As we progressed up the trail my wife and I quickly fell behind the rest of the group.Twice we caught up as they rested and waited. I remarked "I thought our Whitney pace was going to be slower than our regular pace" but I was wrong. So my wife Bea and I often reminded each other to keep our own pace to conserve our energy. We had lots of snacks - MM's, mini Snickers bars, the small Cliff bars, and several packets of GU energy gel. As advised we hydrated and fueled our bodies regularly. We each also carried two sandwiches each. Bea carried 3 1/2 liters of Gatorade and I carried 3 3/4. We did refill on the way up at Trailside Meadows where we finally caught Dave as he was filtering water. Scott, Michelle, and Kyle passed us a little after sunrise and they made the summit in a little over 6 hours.

I found the stretch between Trailside Meadows and Trail Camp especially difficult. A relentless climb. I had been looking forward to the 97 switchbacks and was not disappointed. We crossed the running spring water around switchback 23 and were at the cables sooner than I expected. As we neared the top of the switch backs I could see people up at Trail Crest and was elated when we arrived there. As we passed the John Muir Trail junction we noticed that many hikers had left their back packs at this junction. Soon after that Bea decided to leave her pack and continue with her bottle of water and side pack of snacks. After that she increased her pace and I had to ask her to slow down she was wearing me out.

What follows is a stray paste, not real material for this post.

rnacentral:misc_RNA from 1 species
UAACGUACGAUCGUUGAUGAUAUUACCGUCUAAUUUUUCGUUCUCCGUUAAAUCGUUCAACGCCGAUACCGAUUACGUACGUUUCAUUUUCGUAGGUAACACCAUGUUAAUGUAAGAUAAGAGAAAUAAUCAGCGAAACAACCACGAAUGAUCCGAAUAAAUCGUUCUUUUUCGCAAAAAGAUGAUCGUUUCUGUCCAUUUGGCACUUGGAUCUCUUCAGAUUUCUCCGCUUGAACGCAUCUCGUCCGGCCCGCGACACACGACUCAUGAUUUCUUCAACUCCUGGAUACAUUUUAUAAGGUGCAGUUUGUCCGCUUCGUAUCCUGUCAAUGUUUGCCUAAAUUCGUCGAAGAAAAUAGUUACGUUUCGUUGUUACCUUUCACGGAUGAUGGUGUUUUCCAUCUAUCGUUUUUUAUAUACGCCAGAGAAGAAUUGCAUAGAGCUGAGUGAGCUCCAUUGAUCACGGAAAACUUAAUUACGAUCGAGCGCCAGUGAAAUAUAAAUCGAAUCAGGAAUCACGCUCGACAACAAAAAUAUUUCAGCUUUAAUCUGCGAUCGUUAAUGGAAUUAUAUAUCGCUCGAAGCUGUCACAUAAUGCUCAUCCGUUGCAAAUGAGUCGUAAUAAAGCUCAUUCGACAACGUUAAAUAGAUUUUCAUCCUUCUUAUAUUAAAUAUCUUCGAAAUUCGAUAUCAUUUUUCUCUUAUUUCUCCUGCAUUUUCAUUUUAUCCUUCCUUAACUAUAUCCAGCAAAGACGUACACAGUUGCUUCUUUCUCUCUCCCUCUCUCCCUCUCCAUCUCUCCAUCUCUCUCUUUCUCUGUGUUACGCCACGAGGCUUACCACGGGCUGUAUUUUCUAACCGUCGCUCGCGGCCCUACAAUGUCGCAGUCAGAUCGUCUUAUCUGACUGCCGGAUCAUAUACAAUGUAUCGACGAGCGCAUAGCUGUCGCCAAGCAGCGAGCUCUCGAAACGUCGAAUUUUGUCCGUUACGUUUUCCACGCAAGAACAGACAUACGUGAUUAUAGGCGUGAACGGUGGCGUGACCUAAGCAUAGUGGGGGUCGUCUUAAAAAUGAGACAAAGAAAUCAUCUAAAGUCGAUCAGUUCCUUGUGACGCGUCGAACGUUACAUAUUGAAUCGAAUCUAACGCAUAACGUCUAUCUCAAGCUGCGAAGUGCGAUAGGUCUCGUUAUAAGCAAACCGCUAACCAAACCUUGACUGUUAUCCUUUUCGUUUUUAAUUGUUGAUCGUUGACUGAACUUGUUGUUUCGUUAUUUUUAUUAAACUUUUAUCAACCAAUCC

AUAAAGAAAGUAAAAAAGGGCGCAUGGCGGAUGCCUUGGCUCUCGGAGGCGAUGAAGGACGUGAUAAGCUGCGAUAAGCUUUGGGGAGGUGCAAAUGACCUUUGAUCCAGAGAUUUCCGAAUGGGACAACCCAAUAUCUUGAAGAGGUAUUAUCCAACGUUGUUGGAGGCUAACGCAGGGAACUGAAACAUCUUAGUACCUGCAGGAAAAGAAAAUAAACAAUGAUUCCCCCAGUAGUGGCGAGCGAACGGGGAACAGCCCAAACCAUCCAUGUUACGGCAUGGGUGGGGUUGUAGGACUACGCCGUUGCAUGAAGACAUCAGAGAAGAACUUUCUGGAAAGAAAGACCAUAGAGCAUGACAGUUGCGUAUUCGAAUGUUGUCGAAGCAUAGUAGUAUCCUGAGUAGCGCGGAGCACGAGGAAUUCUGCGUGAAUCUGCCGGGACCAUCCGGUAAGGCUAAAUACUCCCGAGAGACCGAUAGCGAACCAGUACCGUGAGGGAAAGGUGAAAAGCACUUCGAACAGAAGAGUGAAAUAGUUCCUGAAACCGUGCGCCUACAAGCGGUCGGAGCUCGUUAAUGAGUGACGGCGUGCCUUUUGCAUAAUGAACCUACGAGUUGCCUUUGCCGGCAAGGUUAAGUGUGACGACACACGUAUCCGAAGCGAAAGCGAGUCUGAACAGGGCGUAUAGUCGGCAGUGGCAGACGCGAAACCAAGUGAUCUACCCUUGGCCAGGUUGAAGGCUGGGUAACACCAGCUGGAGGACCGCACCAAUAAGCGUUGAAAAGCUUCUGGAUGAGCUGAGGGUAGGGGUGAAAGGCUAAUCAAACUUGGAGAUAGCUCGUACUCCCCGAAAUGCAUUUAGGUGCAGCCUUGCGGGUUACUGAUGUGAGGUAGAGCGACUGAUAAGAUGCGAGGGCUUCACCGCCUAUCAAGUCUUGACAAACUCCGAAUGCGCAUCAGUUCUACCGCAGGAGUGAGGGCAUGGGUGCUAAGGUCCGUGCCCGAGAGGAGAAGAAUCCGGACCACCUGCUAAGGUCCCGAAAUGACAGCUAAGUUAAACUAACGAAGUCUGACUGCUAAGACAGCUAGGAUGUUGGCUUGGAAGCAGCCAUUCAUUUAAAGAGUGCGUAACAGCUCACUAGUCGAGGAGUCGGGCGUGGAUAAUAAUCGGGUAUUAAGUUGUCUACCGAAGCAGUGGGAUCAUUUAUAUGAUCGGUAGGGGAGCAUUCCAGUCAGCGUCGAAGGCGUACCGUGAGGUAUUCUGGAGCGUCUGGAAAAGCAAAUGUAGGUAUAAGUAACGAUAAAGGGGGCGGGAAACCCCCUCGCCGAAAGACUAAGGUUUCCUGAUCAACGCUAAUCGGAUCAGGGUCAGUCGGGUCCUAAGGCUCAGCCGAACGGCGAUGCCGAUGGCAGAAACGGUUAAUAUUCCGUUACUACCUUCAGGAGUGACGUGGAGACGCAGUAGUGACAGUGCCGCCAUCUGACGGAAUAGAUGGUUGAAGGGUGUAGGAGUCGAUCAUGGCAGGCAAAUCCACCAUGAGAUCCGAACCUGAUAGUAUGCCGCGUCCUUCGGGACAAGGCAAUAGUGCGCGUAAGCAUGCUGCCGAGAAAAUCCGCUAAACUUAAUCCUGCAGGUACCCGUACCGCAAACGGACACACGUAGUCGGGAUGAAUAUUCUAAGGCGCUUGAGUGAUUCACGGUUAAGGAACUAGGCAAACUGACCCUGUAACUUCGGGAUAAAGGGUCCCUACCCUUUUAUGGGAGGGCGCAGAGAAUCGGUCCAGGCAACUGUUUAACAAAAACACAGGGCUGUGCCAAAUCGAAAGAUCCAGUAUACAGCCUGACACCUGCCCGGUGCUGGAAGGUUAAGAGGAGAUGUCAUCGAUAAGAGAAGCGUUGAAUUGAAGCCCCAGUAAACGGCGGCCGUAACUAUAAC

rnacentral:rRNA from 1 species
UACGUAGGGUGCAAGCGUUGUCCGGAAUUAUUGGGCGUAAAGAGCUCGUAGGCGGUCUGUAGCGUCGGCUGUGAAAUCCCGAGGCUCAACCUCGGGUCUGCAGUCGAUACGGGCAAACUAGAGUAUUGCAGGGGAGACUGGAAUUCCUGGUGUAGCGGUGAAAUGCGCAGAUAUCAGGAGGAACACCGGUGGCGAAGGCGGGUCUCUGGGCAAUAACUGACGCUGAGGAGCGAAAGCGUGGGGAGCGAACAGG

We summited at about 12:50 for a 9 1/2 hr ascent. We had hoped for 8 hrs up and 6 hrs down. All but one of our group was on the summit so we all celebrated and soon Dave also arrived - all 11 of us had made it. I had a sandwich and some snacks. The altitude did not seem to affect me at all. In fact I felt great at the summit. I know I often felt more exhausted after some local hikes. All our training had paid off. We soon left and Dave, Bea, and I were together for the entire descent. We refilled our water bottles at the springs on the switchbacks. We did not bother filtering and the water was ice cold and taste great. I felt good most of the way but about half way down I started feeling the fatigue and those last 2 miles from Lone Pine Lake seemed to never end. Around 8 we had to put our headlamps on again and we arrived back at the trail head around 8:30 - 7 1/2 hrs to come down.